Common Nouns


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Related to Common Nouns: Collective nouns, proper nouns

Common Nouns

 

nouns designating the name (common name) of an entire class of objects and phenomena that possess a certain common set of features. Common nouns designate objects or phenomena according to whether they belong to such a class. Common nouns are markers of linguistic concepts and stand in opposition to proper nouns. The transition of common nouns to proper nouns is accompanied by the common noun’s loss of its linguistic concept (for example, Desna, the name of a river, derives from Old Russian desna, “right”). Common nouns can be concrete (stol, “table”), abstract (liubov’, “love”), mass or material (sakhar, “sugar”), and collective (studenchestvo, “student body”). [17–7404]

References in periodicals archive ?
Genericity and the denotation of common nouns in Brazilian Portuguese.
This "Hache" especially troubles the distinction between proper name and common noun. As a metaphor of the name as a whole, it substitutes a common noun for the proper name--although the common noun, insofar as its initial is capitalized, operates in turn as a proper name.
In other words, a common noun modified by a determiner serves as a referring expression.
The team scanned participants looking at four lists, each presenting a different type of stimulus: common nouns; "pseudowords" that followed English spelling rules (such as FLOOP); consonant letter strings (such as JVJFC); and strings of curved and straight lines not corresponding to any alphabetical letters.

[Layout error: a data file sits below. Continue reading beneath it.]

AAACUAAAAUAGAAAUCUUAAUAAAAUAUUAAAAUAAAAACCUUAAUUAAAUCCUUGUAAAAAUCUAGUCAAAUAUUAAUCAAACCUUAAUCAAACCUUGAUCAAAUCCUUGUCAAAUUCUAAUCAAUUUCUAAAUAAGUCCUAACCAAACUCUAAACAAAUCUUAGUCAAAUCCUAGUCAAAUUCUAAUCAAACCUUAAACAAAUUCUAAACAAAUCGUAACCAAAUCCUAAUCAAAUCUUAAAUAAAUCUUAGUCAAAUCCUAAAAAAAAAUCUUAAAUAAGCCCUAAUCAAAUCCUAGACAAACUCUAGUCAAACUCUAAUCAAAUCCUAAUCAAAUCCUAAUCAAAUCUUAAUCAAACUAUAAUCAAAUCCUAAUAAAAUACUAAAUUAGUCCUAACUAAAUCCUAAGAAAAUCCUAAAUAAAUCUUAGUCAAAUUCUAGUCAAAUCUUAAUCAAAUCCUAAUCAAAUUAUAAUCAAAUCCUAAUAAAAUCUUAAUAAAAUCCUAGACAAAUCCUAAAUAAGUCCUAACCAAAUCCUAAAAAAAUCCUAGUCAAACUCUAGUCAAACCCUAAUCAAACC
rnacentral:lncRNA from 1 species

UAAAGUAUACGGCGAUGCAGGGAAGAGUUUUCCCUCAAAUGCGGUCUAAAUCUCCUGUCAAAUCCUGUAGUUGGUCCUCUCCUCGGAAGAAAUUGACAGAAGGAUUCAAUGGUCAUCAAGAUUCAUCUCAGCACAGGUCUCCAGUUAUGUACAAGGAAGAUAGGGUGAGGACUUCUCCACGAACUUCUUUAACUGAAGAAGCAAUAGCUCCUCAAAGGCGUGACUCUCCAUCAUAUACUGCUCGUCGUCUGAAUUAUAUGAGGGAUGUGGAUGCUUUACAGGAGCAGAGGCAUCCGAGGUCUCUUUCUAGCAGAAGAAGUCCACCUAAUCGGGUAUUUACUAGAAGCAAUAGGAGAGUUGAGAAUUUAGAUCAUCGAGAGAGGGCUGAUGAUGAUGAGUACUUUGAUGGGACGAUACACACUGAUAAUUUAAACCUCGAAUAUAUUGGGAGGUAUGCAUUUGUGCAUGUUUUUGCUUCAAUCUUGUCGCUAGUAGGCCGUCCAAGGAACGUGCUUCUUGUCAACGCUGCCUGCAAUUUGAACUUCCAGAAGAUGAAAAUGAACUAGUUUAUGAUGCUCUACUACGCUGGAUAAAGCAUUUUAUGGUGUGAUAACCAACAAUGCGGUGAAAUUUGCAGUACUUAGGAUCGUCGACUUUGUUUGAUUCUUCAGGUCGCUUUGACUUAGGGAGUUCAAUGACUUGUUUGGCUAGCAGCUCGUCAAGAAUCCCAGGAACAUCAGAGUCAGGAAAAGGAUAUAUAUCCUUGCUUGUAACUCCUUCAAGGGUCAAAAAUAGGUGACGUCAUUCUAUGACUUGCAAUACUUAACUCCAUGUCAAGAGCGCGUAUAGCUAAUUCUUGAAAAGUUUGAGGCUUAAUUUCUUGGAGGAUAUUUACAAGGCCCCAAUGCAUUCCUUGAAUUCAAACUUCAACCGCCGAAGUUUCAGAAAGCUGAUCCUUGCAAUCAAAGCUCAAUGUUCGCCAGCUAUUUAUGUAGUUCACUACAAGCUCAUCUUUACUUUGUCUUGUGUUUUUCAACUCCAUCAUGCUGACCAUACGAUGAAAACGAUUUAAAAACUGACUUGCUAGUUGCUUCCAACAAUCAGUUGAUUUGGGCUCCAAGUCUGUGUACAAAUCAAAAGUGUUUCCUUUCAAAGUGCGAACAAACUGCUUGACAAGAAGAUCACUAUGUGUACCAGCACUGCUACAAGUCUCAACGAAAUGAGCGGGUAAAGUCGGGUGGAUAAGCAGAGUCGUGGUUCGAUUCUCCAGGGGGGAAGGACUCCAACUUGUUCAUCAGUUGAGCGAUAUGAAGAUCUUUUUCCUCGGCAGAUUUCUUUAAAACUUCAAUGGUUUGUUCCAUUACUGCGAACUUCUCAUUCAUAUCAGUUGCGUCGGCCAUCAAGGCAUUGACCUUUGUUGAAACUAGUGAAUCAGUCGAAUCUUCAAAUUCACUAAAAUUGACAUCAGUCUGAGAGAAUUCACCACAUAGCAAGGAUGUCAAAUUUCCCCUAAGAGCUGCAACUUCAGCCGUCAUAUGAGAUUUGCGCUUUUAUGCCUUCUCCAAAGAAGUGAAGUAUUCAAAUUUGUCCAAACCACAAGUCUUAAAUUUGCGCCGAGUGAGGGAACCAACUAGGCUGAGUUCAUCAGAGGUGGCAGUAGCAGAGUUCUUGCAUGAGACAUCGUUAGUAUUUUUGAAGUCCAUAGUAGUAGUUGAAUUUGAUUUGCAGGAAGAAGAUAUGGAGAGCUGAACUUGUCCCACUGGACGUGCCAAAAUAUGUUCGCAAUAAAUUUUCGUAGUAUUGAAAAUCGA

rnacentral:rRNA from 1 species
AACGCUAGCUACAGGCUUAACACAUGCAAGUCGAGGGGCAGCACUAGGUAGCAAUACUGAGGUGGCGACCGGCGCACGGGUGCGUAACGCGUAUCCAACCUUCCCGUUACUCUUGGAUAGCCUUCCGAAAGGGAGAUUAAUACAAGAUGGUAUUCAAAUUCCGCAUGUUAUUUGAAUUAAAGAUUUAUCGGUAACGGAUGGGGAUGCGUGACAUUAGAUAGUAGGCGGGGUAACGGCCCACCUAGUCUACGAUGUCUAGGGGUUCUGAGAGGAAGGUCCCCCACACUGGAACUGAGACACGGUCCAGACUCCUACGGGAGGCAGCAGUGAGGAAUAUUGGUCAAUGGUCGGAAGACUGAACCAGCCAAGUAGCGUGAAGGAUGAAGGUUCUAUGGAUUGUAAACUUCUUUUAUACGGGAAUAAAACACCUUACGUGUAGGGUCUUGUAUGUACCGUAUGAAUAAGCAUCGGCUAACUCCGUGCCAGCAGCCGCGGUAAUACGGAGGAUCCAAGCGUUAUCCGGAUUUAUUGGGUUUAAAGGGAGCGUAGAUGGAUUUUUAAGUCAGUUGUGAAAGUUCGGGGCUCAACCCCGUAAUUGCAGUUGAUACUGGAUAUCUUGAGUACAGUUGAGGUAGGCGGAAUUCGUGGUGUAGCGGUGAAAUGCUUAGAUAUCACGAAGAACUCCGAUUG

The words were assigned the meanings of common nouns such as truck for example.
"The meanings of many common nouns like 'mother' will be similar across languages, and so you won't need to learn all the information about their meanings twice," he said.
Among their topics are language contact and contact induced change in the light of the (digital) lexicography of Greek loanwords in the non-Indo-European languages of the Greco-Roman worlds (Coptic, Hebrew/Aramaic, Syriac), what is in a drop: making sense of S in Aristophanes' Acharnians 1150-1151, aspects of folk etymology in Ancient Greek: insights from common nouns, the productivity of the suffix -s from Homer to the present day with special reference to the Septuagint and New Testament, and Greek lexicography and the designation of helotic-like populations in Ancient Greece: the history of three compounds.
The proof works by supposing the truth of categorialism, a thesis about the relation between basic categories and common nouns and predicates, which is itself a heavyweight claim that cannot be easily known to be either true or false.
She who didn't have a hint of soul in her monthly editorials in Vogue, in which, as soon as she took over Grace Mirabella, who took over Diana Vreeland, the true artist, and the only artist ever at the helm of Vogue as EIC, she turned everything like bags and shoes and belts and people, especially herself, into sacred objects, objects worthy of worship, and brandnames, once forbidden in the news, were all of a sudden in the headlines or titles, like The Devil Wears Prada, turning from proper to common nouns, turning into verbs, "Let's FaceTime!" turning into adjectives, "I'm having a Chanel moment, omigod." A bag is a bag is a bag, unless it's a Birkin.
The Associated Press Stylebooks ruling is this: The rule regarding singular proper nouns ending in "S" is different from singular common nouns ending in "S."
They're now considered common nouns and thus are no longer capitalized, such as aspirin, escalator, and thermos.
We have studied 2417 Middle English occupational terms--2013 of them are reflected in 7429 phonographic variants, used 10205 times as family names in the nominating formulas; 404 occupational terms are used only as common nouns. Middle English names of merchants are 280 in number, which constitute 12% of the total number of occupational terms under study.